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Common Estate Planning Mistakes You Can Avoid!

Correctly preparing your estate plan is not always easy or intuitive. There are many ways to make mistakes, even with professional legal advice.  Here are some common mistakes we see on a daily basis, all of which we have personally witnessed in our years of practice:

1. The Case of the Long-lost Heirs.

About twelve years ago an Englishman came to the City of Clearwater to retire. He was unmarried, had no children, and made the big mistake of not preparing a last will and testament. When he passed away, we were asked to handle his estate.

It was necessary for us to do a lot of research to ascertain his heirs. Eventually, his heirs were identified and located. Affidavits, death certificates, and birth certificates had to be obtained and presented to the Court with a Petition to determine heirs. His approximately $160,000.00 was divided between seventeen beneficiaries.

Most likely, this was not what the gentleman would have intended upon his passing, but, due to the fact that he did not have a last will and testament, extended time and costs resulted.

2. The Case of the Twenty-Eight Year Relationship.

A man and a woman they lived together twenty-eight years but never married. All of the assets were titled in her name only.  Upon her death, the assets passed to her heirs at law. They did not pass to her significant other and he had no claim to her estate.  This was a terrible outcome that could have easily been avoided with a last will and testament.

3. Crossing out and Initialing.

A gentleman had a will and, in his will, he specified a $35,000.00 devise to a girlfriend. He subsequently had a falling out with his friend, and on the original of his will, he crossed out the paragraph and initialed it.

The question was whether or not that was a sufficient revocation, and the answer is that it was NOT. The person with whom he had the falling out received the $35,000.00.

How simple it would have been for him to add a codicil to the will or a new will written to exclude this person from his estate?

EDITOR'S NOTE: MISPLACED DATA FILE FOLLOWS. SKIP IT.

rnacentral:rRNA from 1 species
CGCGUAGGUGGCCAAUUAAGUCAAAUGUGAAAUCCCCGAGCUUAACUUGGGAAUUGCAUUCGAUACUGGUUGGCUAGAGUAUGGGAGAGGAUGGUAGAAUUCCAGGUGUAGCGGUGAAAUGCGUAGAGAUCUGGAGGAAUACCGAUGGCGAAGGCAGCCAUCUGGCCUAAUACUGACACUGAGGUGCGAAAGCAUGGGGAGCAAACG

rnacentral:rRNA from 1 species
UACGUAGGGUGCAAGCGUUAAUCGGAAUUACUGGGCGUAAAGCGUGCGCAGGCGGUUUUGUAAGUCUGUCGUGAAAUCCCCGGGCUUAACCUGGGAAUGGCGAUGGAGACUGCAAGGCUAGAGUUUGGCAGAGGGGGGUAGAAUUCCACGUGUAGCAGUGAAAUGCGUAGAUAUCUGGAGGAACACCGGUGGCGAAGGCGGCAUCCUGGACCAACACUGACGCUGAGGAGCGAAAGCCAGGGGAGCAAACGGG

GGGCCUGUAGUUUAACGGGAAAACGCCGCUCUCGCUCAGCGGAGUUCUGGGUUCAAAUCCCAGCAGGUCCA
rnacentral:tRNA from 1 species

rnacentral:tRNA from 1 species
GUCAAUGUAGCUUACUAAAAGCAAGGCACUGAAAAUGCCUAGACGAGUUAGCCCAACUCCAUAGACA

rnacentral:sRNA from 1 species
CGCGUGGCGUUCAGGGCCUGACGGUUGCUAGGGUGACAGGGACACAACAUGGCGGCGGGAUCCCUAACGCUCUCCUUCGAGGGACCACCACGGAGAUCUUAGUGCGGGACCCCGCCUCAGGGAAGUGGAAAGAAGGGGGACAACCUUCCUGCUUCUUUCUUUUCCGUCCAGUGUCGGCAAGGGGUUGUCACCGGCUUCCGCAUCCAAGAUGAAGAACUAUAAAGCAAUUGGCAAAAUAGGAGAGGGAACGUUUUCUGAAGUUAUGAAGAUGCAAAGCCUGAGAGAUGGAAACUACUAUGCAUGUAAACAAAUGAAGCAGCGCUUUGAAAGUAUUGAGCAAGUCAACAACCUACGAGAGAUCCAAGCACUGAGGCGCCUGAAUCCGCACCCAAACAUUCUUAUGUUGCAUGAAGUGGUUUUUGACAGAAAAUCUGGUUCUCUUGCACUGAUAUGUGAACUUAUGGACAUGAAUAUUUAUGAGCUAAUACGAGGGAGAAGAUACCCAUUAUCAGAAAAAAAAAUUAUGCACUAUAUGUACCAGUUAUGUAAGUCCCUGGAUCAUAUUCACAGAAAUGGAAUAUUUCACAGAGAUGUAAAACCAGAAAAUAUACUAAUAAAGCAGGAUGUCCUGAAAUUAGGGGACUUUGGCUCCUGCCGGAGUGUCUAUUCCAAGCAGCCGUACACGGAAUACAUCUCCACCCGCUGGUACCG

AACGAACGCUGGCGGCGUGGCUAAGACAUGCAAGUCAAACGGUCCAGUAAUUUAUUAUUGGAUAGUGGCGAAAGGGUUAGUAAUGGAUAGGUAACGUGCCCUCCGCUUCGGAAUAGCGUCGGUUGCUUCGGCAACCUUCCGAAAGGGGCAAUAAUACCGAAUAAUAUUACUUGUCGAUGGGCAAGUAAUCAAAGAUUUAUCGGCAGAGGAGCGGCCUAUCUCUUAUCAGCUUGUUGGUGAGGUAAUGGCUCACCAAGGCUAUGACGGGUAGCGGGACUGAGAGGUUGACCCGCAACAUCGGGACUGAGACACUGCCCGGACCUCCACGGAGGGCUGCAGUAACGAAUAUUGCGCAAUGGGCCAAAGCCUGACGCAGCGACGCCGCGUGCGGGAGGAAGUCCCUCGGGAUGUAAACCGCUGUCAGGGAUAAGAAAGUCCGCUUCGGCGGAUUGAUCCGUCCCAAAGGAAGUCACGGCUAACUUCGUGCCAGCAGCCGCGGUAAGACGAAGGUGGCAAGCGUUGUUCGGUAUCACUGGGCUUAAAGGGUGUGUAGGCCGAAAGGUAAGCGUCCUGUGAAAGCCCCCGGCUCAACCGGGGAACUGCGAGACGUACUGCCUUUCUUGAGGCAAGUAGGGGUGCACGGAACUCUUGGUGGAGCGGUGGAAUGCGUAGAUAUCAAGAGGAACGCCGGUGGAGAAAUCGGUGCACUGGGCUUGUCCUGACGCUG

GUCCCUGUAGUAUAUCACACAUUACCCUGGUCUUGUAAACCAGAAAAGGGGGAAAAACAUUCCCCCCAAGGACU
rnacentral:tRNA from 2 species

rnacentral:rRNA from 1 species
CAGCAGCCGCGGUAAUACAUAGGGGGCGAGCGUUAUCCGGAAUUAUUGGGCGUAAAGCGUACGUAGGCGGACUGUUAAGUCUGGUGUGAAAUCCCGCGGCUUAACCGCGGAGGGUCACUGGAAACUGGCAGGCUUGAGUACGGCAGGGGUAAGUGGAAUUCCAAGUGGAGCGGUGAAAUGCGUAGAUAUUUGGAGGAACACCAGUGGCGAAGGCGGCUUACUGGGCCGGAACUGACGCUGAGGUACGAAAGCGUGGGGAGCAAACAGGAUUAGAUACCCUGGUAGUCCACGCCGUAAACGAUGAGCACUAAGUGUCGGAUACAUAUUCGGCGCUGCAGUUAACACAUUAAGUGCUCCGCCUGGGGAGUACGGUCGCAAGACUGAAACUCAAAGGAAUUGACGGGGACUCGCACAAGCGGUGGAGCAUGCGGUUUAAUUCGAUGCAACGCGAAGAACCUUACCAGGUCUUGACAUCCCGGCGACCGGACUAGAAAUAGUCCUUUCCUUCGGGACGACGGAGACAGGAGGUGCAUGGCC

4. Do it Yourself Estate Planning.

We see this all the time and frequently deal with the terrible outcome. Recently, we had clients come with upon their father's death. Dad did not like attorneys so he wrote his own will that he got from the internet. Unfortunately, his will was not correctly executed and the court ruled he died without a will, which meant his final wishes were not followed.

5. Going Cheap!

I had helped a client with his will, power of attorney and advance directives and got paid about $400 at the time. Our client's friend told our client that he way overpaid for our legal services and he got his attorney friend to prepare a last will and testament for only $60!  His friend was pretty sick at the time and he died not long after he got the cheap last will and testament. When we reviewed the will to probate the estate, only then did we find that the will was not correctly drafted - it was missing one of the key ingredients to establishing an estate plan. The probate was messy, expensive and the decedent's final wishes were certainly not followed.  Remember - you get what you pay for!

6. Not Reading our Book!

What was the best way for all of these people to create an estate plan? Go see a good attorney!  Importantly, if you want to learn more about finding a good attorney and are looking to create your Florida estate plan, please download a free copy of my son's book, The Top 20 Rules to Protect Your Florida Estate.

 

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